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Future of Transport: is the future here?

Ask people about the ‘Future of Transport’ and The Jetsons’ flying car or the hoverboard from Back to the Future might spring to mind. As fanciful as they seem now, audiences in the ‘80s would have equally marvelled at the automated vehicle trials and drone delivery services that we see today.

But the Future of Transport isn’t just about flying cars and floating personal mobility devices – we’ve already been living through a huge transformation in how we move around the country. Vehicles are increasingly complex, akin to computers on wheels; more and more people are opting for electric over petrol; and in some streetscapes, micromobility users can be seen alongside pedal cyclists and pedestrians.

However, as in most cases, legislation lags behind innovation. We want to work with the Government to help achieve their target to ban the sale of petrol- and diesel-powered internal combustion engines (ICE) cars and vans by 2030, but the policy details to support such an ambitious pledge are undefined. For micromobility, the lack of regulation has allowed for a proliferation of illegal private e-scooters which pose a safety risk to their riders and other road users.

With that being said, we are encouraged by the Government’s promises to address these issues. Transport Secretary Grant Shapps has announced to the Commons Transport Select Committee that he would be tackling the problem of illegal e-scooters and establishing robust design and construction standards for these devices. We will continue to work with the Department for Transport to develop those standards and jointly resolve the outstanding questions around potential insurance requirements. We would also like to stress that any regulation should ensure that no liabilities unfairly fall onto the Motor Insurers’ Bureau (MIB) and premium-paying motorists without a corresponding insurance requirement or contribution towards the MIB’s liabilities.

The electrification of the UK’s vehicle fleet is distinctly more challenging – one that is exacerbated by many external factors. The war in Ukraine has driven up nickel prices and halted some vehicle production in Eastern Europe, the continuing Covid lockdowns in parts of China have further impeded already-delayed vehicle parts delivery orders, the semiconductor shortage has significantly contributed to sparse car dealer forecourts, and the cost of living crisis has erased the possibility of purchasing an electric vehicle (EV) for many – and the list of reasons go on. Even as we move past some of these issues, the medium term poses several challenges that may require Government legislation.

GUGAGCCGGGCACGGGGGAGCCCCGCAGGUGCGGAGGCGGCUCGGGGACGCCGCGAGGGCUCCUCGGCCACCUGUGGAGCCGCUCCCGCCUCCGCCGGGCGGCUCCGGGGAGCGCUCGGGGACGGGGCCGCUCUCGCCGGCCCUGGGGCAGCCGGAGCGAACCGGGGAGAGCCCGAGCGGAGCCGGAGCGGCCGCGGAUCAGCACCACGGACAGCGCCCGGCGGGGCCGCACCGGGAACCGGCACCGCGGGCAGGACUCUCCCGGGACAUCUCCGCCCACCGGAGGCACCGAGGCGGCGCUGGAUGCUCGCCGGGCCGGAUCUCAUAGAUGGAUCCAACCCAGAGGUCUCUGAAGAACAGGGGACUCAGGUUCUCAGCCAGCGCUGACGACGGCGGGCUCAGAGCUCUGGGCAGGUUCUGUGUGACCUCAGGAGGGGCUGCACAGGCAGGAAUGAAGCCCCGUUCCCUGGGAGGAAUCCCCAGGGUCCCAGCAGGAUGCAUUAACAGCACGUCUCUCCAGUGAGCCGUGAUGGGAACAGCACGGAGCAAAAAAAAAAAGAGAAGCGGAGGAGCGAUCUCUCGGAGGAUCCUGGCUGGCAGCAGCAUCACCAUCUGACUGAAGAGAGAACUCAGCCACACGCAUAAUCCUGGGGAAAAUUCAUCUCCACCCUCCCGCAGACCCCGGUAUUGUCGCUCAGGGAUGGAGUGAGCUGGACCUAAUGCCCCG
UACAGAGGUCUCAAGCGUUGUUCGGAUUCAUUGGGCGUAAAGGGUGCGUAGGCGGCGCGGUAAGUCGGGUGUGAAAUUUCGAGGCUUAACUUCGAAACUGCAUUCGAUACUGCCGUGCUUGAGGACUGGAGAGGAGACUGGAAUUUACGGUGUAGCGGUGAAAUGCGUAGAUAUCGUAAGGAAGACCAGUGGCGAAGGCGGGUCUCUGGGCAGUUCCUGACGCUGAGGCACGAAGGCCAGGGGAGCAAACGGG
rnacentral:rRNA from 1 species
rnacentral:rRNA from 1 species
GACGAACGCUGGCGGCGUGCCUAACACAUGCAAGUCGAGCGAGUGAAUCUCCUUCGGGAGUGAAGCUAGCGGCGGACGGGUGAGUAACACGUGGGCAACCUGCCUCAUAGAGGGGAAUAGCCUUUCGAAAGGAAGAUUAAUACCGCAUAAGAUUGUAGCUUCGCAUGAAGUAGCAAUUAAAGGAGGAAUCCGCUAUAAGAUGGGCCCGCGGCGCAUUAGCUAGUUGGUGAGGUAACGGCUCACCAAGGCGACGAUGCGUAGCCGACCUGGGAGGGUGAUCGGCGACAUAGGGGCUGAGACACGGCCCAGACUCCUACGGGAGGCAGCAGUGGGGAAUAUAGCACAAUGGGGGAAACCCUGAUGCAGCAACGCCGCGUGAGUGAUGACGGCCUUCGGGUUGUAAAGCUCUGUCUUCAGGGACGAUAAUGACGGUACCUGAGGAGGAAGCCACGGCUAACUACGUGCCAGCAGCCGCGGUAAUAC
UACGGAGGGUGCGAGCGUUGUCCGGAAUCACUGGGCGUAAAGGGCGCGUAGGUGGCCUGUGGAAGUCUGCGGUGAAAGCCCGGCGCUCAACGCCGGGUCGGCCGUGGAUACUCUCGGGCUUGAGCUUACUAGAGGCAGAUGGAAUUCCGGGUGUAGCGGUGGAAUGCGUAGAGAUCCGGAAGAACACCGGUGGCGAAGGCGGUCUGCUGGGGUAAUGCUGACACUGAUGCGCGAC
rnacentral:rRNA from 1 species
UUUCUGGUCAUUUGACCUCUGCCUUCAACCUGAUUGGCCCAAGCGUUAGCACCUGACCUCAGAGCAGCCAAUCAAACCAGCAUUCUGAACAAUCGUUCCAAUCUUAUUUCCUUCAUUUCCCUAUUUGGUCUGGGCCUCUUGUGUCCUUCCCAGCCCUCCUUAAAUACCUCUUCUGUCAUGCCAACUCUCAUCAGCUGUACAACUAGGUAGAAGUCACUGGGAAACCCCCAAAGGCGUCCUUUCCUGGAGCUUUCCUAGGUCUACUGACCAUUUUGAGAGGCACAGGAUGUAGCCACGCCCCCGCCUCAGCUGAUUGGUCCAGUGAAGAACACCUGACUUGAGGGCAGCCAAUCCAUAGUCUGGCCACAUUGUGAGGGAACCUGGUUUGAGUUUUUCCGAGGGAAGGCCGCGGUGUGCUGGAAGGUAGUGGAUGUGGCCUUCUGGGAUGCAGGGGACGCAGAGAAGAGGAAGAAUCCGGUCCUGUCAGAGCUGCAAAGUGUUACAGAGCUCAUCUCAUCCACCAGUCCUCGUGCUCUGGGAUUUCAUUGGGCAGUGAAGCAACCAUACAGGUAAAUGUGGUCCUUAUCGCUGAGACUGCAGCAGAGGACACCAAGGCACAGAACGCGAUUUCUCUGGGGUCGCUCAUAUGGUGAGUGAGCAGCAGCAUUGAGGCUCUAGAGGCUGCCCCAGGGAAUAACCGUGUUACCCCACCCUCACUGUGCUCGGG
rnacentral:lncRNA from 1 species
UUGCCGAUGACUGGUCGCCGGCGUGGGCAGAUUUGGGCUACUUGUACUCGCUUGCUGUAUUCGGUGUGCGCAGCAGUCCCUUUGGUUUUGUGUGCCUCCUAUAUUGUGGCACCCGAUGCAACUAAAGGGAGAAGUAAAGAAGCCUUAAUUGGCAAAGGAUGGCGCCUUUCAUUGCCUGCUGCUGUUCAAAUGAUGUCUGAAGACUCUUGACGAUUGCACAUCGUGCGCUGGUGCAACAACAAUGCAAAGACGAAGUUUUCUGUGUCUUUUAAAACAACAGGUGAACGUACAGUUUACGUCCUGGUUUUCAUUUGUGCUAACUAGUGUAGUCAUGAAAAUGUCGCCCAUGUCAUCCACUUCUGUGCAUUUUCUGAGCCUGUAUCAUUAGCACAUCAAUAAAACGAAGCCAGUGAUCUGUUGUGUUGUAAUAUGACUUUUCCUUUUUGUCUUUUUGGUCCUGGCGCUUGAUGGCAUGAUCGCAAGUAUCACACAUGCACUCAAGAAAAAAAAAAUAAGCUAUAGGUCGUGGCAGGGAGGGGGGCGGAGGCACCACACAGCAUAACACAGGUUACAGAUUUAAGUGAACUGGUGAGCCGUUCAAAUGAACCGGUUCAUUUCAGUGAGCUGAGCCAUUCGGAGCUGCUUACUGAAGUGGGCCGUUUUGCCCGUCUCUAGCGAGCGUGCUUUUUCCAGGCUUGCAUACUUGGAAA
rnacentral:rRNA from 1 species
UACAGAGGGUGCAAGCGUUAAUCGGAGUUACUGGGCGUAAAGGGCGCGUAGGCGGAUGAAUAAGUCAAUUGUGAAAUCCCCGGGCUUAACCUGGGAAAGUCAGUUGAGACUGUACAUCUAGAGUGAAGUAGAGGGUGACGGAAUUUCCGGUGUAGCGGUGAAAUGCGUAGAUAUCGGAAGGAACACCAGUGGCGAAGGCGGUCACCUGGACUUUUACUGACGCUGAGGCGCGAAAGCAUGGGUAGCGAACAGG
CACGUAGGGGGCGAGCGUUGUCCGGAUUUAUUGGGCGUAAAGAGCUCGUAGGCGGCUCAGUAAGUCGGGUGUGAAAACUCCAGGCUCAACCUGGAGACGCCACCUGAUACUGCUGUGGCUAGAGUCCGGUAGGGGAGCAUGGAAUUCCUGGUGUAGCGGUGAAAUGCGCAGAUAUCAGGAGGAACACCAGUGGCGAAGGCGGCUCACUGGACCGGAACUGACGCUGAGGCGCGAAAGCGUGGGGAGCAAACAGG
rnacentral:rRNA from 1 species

The first is in vehicle repair. The Institute of the Motor Industry (IMI) has found that there are currently enough TechSafeTM technicians to fulfil the demand that corresponds to the number of electric vehicles on our roads; however, a skills gap could materialise by 2026. Due to the rapidly growing number of battery EVs and plug-in hybrid EVs, the IMI predicts a shortage of 35,700 such technicians by 2030, the year that the Government’s ban on the sale of ICEs will come into effect. 

There are concerns that the entire ecosystem of vehicle repair will not be prepared for the changing vehicle fleet, and that the Government has a role to play in the retooling, reskilling, and retraining of technicians to maintain a competitive and independent vehicle repair network. And this is not just in the field of vehicle repair, but the need extends to vehicle recovery specialists and salvage handlers as well. 

Secondly, it is in the challenge of battery health assessment, battery repair, and end-of-life practices where Government investment or backing could have a great impact. A standardised battery and cell health monitoring system would provide reassurance to the second-hand EV buyers and make the market more accessible to wider swathes of the public. Further investment into safe battery recycling and refurbishment methods will greatly reduce the cost of repair and extend the usable lifetime of the most expensive component of an EV. On end of life, measures need to be taken to ensure the residual value of battery packs is put back into the value chain, that savings passed on to consumers, and that the negative environmental consequences are minimised.

Overall, we have high hopes that some of these issues will be address by Government in upcoming legislation. That being said, we recognise that legislative priorities mean that it may not be time to address other issues, for example, related to automated vehicles. However, we are regularly engaging with Government around those challenges.

While we might not yet be flying around like The Jetsons or part of a Back to the Future hoverboard chase scene, the insurance industry stands ready to work with the Government to create a more advanced, efficient, safe, green, and inclusive transportation sector.    

Last updated 05/05/2022